horizontal-board interior partitions, a development of the original sunk batten on the Usonian Standard Detail sheet but with a with a canted face.

This molding is also used in the house as shelf edging -- and if I recall correctly is echoed in the canted vertical boards of the "fence" screen which separates the kitchen from the loggia passage to the main space . . .

The original dining table, which protruded from the brick wall between kitchen and fireplace, has been removed and is in storage directly overhead (If I correctly recall what your grandmother said) on the piece of "datum" --
the lowered ceiling plane often found in portions of Usonian interiors where relative intimacy is desired, such as at the dining table, here -- perhaps awaiting eventual reinstallation.

The drawing set for the house, a copy of which I believe is now in residence there, will show this and many other interesting details, including furniture designed for the house but never realized. Hanging and standing light
fixtures with red cloth shades (!), and a number of seating hassocks, are among those unbuilt items.

S
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Roderick Grant



Joined: 29 Mar 2006
Posts: 8674

PostPosted: Tue Nov 20, 2018 12:33 pm    Post subject: Reply with quote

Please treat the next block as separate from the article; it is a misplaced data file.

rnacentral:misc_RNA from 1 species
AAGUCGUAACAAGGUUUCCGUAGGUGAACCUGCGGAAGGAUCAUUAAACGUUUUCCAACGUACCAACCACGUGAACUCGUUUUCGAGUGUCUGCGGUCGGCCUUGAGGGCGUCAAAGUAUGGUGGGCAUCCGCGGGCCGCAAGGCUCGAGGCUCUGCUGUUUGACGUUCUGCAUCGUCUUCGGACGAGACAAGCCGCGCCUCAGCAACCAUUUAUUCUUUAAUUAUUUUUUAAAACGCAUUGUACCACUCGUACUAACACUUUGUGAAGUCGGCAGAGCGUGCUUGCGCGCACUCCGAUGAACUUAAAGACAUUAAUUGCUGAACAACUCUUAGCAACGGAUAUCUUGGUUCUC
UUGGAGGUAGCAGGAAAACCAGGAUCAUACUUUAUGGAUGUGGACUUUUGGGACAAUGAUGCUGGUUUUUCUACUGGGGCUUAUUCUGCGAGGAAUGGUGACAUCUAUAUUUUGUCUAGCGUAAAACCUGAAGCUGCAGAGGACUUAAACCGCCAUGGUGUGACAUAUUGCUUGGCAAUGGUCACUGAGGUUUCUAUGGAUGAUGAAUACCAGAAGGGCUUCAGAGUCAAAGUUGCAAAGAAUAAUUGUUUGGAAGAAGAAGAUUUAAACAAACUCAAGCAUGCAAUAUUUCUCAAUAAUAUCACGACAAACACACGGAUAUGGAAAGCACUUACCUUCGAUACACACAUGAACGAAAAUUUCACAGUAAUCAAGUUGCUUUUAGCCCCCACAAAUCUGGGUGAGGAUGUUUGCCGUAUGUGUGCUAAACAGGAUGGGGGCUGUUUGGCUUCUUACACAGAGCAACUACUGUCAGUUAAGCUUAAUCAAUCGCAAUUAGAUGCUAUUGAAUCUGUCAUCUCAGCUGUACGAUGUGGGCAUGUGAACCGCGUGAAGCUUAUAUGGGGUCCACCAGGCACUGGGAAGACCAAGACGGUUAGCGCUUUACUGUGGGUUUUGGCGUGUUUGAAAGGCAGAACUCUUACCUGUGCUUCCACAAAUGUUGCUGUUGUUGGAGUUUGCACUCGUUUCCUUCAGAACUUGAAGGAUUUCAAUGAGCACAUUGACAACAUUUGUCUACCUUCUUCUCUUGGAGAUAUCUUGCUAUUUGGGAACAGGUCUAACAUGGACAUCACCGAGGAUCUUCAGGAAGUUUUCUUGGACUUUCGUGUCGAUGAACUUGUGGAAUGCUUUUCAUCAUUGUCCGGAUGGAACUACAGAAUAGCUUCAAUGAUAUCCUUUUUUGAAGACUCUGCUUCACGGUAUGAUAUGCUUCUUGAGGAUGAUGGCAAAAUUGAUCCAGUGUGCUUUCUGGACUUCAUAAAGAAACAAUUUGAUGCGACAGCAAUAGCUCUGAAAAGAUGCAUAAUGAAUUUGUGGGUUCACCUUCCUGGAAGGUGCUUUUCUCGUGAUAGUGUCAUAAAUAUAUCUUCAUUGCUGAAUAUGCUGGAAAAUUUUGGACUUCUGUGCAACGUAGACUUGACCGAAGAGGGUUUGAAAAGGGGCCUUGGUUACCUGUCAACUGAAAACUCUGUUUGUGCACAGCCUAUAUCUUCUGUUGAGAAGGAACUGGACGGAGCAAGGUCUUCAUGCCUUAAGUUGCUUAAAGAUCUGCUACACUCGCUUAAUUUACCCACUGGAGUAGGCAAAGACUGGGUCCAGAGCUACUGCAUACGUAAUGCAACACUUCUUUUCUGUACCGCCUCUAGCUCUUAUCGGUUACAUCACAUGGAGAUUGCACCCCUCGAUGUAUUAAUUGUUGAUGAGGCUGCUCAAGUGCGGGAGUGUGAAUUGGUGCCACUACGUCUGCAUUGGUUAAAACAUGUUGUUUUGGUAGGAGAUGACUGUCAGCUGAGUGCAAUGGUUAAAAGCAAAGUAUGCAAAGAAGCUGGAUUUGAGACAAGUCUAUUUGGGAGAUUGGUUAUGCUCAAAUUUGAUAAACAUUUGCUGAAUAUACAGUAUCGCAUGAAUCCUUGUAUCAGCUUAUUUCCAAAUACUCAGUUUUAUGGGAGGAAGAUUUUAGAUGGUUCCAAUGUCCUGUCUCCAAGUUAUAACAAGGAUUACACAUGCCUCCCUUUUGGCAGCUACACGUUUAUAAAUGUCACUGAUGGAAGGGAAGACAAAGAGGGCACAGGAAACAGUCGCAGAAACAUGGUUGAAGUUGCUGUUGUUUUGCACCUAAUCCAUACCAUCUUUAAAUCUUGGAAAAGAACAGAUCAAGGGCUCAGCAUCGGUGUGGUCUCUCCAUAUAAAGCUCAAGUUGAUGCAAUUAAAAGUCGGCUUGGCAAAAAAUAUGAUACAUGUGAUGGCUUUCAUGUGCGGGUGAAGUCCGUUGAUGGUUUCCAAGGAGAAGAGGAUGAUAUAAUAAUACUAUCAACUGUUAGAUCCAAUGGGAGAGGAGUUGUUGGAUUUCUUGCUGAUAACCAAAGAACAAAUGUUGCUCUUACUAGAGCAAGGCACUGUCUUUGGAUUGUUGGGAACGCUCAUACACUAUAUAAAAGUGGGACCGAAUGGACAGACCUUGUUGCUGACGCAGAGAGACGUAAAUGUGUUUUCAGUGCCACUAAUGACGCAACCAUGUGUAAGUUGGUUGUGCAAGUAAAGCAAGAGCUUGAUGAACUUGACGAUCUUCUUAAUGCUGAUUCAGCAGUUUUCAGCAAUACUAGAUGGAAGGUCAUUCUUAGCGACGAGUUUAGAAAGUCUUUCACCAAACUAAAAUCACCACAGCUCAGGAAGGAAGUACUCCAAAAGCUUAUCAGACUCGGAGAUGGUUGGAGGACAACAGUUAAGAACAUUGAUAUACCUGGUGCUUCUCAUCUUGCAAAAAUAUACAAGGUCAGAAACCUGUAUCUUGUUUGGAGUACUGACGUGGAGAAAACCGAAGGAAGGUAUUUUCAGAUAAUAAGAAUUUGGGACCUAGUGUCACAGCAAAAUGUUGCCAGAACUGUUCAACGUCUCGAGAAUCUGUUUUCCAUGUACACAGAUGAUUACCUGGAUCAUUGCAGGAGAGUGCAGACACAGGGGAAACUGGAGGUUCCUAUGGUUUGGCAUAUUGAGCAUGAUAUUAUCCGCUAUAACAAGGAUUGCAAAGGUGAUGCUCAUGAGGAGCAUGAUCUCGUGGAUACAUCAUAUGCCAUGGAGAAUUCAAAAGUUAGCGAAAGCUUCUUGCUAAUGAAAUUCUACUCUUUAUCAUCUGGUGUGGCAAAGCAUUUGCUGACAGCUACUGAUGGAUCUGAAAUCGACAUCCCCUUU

SDR, when you mention battens with a canted face, are they similar to those at the Hughes House, which has been published in Fine Homebuilding?
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SDR



Joined: 17 Jun 2006
Posts: 16416
Location: San Francisco

PostPosted: Tue Nov 20, 2018 2:00 pm    Post subject: Reply with quote

I do not have close-up photos of the Hughes walls. A photo of the Hughes "dormitory" bedroom on page 316 of Storrer's 1993 "Companion" shows what might be surface-mounted triangular battens similar to those found at
the Erdman prefabs. The Mathews battens are comparable to the sunk battens of the prototypical Usonian wall; they engage the grooved edges of horizontal boards, but their faces are asymmetrically canted and stand slightly
proud of the wall plane. I believe the broad face of the batten is tilted down; their identical orientation on the edges of built-in shelves produces the typical outward-canted shelf and light-deck fascia found in some post-war Usonians.